September 29, 2011

Words Like Dew or Fire? - Ruth L. Snyder

I just completed three courses on editing fiction, offered through The Christian PEN. The courses were provided online, using a combination of private list serve and email. Every Monday, members of the class received a lesson by email. After we read through the material, we sent our homework back via the list serve. I found this format a great way to learn. Often other classmates raised concerns or asked for information which was helpful to me and vice versa. Throughout the course, our instructor, Jeanne Marie Leach, modeled and reminded us often that editors of fiction need to use kind, gentle words. This is true, even when major revisions are needed before a book is published.

Last year at the Inscribe Fall Conference, author Sigmund Brouwer shared his story. When he was in grade 3, a teacher ridiculed a story he wrote. He decided he was never going to write again. School became a struggle, and his attitude became an issue. Finally, a university instructor provided a safe place for Brouwer to experiment and write. He is now a successful author with over 30 books to his credit.

"It only takes a spark, remember to set off a forest fire. A careless or wrongly placed word out of your mouth can do that. By our speech we can ruin the world, turn harmony into chaos, throw mud on a reputation, send the whole world up in smoke and go up in smoke with it, smoke right from the pit of hell. This is scary: You can tame a tiger, but you can't tame a tongue - it's never been done. The tongue runs wild, a wanton killer. With our tongues we bless God our Father; with the same tongues we curse the very men and women he made in his image. Curses and blessings out of the same mouth! My friends, this can't go on." (James 3:6-10 The Message)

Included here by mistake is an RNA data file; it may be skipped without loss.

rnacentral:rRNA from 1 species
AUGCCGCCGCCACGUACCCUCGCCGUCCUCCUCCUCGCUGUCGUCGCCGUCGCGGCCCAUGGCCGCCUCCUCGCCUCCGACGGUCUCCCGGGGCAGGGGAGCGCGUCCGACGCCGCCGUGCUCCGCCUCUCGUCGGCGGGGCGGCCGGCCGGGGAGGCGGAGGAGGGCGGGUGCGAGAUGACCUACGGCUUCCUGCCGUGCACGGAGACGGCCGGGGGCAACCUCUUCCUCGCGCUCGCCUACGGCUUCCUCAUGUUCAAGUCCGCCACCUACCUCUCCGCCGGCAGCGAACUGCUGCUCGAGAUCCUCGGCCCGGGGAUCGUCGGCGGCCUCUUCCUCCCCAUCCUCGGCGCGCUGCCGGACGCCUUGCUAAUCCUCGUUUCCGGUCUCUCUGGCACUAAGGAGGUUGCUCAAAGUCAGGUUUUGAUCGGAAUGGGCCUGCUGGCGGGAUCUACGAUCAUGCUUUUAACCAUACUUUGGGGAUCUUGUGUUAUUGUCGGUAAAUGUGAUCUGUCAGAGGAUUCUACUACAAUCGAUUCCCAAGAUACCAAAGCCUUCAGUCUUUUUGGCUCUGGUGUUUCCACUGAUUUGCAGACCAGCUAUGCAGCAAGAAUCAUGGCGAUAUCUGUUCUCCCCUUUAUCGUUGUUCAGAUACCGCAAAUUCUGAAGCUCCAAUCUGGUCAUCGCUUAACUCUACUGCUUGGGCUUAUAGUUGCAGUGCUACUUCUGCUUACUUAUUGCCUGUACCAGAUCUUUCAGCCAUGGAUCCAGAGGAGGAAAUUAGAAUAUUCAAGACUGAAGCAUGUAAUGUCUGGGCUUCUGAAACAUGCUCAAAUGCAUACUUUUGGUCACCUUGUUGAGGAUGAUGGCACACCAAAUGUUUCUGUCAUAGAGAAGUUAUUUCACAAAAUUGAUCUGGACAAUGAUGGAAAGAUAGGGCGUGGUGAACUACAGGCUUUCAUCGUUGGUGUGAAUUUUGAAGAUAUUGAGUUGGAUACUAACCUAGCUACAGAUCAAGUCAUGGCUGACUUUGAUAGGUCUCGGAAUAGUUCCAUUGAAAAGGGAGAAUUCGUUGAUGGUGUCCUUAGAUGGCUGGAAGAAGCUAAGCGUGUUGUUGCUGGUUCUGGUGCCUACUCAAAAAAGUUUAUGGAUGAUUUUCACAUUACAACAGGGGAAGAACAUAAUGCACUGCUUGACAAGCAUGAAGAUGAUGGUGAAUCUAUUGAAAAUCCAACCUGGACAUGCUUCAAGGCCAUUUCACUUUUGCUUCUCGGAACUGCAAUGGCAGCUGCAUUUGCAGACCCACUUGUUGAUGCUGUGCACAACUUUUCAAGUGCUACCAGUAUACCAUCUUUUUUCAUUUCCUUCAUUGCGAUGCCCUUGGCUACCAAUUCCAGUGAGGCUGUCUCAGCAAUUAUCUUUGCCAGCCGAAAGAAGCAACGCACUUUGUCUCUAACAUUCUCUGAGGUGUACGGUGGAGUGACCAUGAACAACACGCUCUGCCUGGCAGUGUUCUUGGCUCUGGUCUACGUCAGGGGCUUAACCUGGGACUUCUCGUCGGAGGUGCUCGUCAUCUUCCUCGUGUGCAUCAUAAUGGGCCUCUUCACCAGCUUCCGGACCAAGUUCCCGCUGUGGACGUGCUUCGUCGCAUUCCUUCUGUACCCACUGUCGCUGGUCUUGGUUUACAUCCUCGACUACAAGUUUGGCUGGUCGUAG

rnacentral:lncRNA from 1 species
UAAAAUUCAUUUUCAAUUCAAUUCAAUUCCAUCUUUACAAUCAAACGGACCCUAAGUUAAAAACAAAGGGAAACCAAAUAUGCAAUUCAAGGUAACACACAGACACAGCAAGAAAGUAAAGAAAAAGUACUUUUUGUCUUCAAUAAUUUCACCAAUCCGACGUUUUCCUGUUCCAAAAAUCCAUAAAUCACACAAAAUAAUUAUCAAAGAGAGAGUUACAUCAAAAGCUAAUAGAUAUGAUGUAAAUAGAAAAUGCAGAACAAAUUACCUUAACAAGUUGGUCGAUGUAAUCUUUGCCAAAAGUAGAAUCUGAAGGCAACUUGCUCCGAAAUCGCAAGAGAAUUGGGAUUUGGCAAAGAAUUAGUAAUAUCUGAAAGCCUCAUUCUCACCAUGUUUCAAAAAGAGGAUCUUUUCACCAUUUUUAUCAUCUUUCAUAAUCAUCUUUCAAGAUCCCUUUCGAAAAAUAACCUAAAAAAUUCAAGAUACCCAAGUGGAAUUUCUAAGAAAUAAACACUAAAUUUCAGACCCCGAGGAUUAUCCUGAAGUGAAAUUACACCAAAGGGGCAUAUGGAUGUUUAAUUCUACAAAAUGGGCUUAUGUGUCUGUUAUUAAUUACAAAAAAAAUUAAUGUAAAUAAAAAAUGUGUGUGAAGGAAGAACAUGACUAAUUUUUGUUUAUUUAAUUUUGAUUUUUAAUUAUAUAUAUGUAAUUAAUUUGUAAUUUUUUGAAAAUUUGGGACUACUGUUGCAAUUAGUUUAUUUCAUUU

As writers, words are our tools. I'm looking forward to sharpening my word skills at the 2011 Inscribe Fall Conference this coming weekend. Our words may bring healing, encouragement, and life or they can destroy, tear down, and kill. Every time we put our pen to paper or our fingers on the keyboard we need to ask God for wisdom. I want my words to be like dew, not fire. How about you?

Ruth L. Snyder
Check out Ruth's blog on education matters at
Follow Ruth on Twitter @wwjdr


  1. Hi Ruth:
    Like Grace Fox at this year's conference, I find editing fascinating: Finding better or fewer words, showing rather than telling, and weeding out irrelevant passages or extraneous words.
    It's a bit like life, although disposing of junk and cutting lost time is usually not so much fun!
    It seems learning to edit, in writing and life is a lifetime project!

  2. Thanks for sharing what you enjoy about writing and editing, Bryan. It was good to see you at conference.


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